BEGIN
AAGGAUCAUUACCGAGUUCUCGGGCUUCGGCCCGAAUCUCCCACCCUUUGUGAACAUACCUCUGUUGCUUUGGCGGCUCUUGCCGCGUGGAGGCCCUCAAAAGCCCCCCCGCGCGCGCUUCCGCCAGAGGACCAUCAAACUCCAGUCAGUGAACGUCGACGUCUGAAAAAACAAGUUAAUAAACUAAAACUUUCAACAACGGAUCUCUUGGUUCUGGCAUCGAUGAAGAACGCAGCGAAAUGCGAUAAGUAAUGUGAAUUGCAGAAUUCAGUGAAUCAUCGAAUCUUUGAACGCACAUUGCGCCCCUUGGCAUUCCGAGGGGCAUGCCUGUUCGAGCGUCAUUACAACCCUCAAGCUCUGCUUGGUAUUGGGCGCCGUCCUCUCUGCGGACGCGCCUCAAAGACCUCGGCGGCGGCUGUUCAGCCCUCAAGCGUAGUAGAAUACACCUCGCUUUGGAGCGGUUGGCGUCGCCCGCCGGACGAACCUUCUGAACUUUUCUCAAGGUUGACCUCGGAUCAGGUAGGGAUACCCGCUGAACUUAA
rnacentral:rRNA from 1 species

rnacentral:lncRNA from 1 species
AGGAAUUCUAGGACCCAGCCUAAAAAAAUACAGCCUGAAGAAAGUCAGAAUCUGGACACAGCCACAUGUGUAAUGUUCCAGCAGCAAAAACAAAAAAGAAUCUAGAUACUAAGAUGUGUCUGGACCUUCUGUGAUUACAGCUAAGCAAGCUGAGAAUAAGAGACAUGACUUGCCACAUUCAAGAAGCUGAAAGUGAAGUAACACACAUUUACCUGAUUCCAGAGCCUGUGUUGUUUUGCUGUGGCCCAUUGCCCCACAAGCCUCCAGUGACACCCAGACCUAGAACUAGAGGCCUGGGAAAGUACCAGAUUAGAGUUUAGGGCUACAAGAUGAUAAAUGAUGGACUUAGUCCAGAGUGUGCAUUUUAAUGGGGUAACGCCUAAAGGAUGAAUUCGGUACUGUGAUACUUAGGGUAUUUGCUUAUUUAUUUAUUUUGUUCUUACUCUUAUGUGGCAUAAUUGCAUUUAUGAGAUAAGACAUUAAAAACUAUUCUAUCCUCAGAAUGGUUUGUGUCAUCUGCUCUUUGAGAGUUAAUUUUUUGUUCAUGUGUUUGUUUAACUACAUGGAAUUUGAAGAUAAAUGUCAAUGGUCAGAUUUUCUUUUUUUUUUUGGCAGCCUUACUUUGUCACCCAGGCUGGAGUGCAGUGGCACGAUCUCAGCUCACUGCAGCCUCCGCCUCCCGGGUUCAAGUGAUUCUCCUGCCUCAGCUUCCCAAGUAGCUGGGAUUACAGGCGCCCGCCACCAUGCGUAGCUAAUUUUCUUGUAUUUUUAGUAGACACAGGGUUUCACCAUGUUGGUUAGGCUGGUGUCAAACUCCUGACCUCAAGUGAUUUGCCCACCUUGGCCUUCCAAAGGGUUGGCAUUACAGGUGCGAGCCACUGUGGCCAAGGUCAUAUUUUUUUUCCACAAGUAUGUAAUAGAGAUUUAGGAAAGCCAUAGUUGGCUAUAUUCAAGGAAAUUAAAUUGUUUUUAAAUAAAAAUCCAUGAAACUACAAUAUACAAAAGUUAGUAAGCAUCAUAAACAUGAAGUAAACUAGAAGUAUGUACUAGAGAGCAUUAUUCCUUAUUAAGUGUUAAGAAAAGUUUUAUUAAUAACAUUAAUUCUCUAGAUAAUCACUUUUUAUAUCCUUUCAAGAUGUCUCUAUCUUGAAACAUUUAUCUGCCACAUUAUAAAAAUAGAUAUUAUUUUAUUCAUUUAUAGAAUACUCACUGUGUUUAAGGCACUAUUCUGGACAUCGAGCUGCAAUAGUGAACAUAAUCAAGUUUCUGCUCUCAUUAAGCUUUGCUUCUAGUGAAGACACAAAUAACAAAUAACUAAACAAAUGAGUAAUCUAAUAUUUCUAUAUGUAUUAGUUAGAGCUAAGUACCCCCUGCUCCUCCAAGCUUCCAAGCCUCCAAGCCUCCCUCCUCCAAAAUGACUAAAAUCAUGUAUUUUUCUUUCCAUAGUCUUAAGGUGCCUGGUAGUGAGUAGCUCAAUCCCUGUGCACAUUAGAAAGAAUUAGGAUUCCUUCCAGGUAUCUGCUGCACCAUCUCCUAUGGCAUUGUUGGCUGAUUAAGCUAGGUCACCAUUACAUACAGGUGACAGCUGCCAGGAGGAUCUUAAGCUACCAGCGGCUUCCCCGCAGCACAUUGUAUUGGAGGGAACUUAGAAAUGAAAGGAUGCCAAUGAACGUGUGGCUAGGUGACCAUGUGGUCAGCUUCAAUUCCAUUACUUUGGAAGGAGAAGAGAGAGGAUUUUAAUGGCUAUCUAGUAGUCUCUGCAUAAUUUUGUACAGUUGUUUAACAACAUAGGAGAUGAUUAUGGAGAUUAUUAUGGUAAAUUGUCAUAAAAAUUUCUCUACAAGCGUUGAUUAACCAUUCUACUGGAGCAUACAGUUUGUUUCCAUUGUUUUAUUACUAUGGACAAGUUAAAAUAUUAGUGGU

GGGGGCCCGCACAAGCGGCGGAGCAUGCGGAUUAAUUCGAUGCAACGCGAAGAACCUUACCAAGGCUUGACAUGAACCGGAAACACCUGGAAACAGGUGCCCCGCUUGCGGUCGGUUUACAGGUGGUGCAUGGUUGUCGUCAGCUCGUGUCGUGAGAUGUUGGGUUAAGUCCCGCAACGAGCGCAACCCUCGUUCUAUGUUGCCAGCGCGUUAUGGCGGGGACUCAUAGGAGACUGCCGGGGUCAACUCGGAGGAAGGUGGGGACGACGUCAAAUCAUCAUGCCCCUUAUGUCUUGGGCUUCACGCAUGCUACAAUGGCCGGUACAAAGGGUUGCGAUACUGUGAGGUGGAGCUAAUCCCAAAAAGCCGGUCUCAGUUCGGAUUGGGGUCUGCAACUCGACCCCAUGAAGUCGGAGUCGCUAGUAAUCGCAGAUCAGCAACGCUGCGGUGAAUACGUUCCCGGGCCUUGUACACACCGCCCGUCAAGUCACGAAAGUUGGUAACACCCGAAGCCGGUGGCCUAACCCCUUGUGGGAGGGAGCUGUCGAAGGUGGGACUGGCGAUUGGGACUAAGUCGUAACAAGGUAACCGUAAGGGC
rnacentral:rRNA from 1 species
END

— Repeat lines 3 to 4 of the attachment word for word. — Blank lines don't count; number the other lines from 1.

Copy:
rnacentral:lncRNA from 1 species
AGGAAUUCUAGGACCCAGCCUAAAAAAAUACAGCCUGAAGAAAGUCAGAAUCUGGACACAGCCACAUGUGUAAUGUUCCAGCAGCAAAAACAAAAAAGAAUCUAGAUACUAAGAUGUGUCUGGACCUUCUGUGAUUACAGCUAAGCAAGCUGAGAAUAAGAGACAUGACUUGCCACAUUCAAGAAGCUGAAAGUGAAGUAACACACAUUUACCUGAUUCCAGAGCCUGUGUUGUUUUGCUGUGGCCCAUUGCCCCACAAGCCUCCAGUGACACCCAGACCUAGAACUAGAGGCCUGGGAAAGUACCAGAUUAGAGUUUAGGGCUACAAGAUGAUAAAUGAUGGACUUAGUCCAGAGUGUGCAUUUUAAUGGGGUAACGCCUAAAGGAUGAAUUCGGUACUGUGAUACUUAGGGUAUUUGCUUAUUUAUUUAUUUUGUUCUUACUCUUAUGUGGCAUAAUUGCAUUUAUGAGAUAAGACAUUAAAAACUAUUCUAUCCUCAGAAUGGUUUGUGUCAUCUGCUCUUUGAGAGUUAAUUUUUUGUUCAUGUGUUUGUUUAACUACAUGGAAUUUGAAGAUAAAUGUCAAUGGUCAGAUUUUCUUUUUUUUUUUGGCAGCCUUACUUUGUCACCCAGGCUGGAGUGCAGUGGCACGAUCUCAGCUCACUGCAGCCUCCGCCUCCCGGGUUCAAGUGAUUCUCCUGCCUCAGCUUCCCAAGUAGCUGGGAUUACAGGCGCCCGCCACCAUGCGUAGCUAAUUUUCUUGUAUUUUUAGUAGACACAGGGUUUCACCAUGUUGGUUAGGCUGGUGUCAAACUCCUGACCUCAAGUGAUUUGCCCACCUUGGCCUUCCAAAGGGUUGGCAUUACAGGUGCGAGCCACUGUGGCCAAGGUCAUAUUUUUUUUCCACAAGUAUGUAAUAGAGAUUUAGGAAAGCCAUAGUUGGCUAUAUUCAAGGAAAUUAAAUUGUUUUUAAAUAAAAAUCCAUGAAACUACAAUAUACAAAAGUUAGUAAGCAUCAUAAACAUGAAGUAAACUAGAAGUAUGUACUAGAGAGCAUUAUUCCUUAUUAAGUGUUAAGAAAAGUUUUAUUAAUAACAUUAAUUCUCUAGAUAAUCACUUUUUAUAUCCUUUCAAGAUGUCUCUAUCUUGAAACAUUUAUCUGCCACAUUAUAAAAAUAGAUAUUAUUUUAUUCAUUUAUAGAAUACUCACUGUGUUUAAGGCACUAUUCUGGACAUCGAGCUGCAAUAGUGAACAUAAUCAAGUUUCUGCUCUCAUUAAGCUUUGCUUCUAGUGAAGACACAAAUAACAAAUAACUAAACAAAUGAGUAAUCUAAUAUUUCUAUAUGUAUUAGUUAGAGCUAAGUACCCCCUGCUCCUCCAAGCUUCCAAGCCUCCAAGCCUCCCUCCUCCAAAAUGACUAAAAUCAUGUAUUUUUCUUUCCAUAGUCUUAAGGUGCCUGGUAGUGAGUAGCUCAAUCCCUGUGCACAUUAGAAAGAAUUAGGAUUCCUUCCAGGUAUCUGCUGCACCAUCUCCUAUGGCAUUGUUGGCUGAUUAAGCUAGGUCACCAUUACAUACAGGUGACAGCUGCCAGGAGGAUCUUAAGCUACCAGCGGCUUCCCCGCAGCACAUUGUAUUGGAGGGAACUUAGAAAUGAAAGGAUGCCAAUGAACGUGUGGCUAGGUGACCAUGUGGUCAGCUUCAAUUCCAUUACUUUGGAAGGAGAAGAGAGAGGAUUUUAAUGGCUAUCUAGUAGUCUCUGCAUAAUUUUGUACAGUUGUUUAACAACAUAGGAGAUGAUUAUGGAGAUUAUUAUGGUAAAUUGUCAUAAAAAUUUCUCUACAAGCGUUGAUUAACCAUUCUACUGGAGCAUACAGUUUGUUUCCAUUGUUUUAUUACUAUGGACAAGUUAAAAUAUUAGUGGU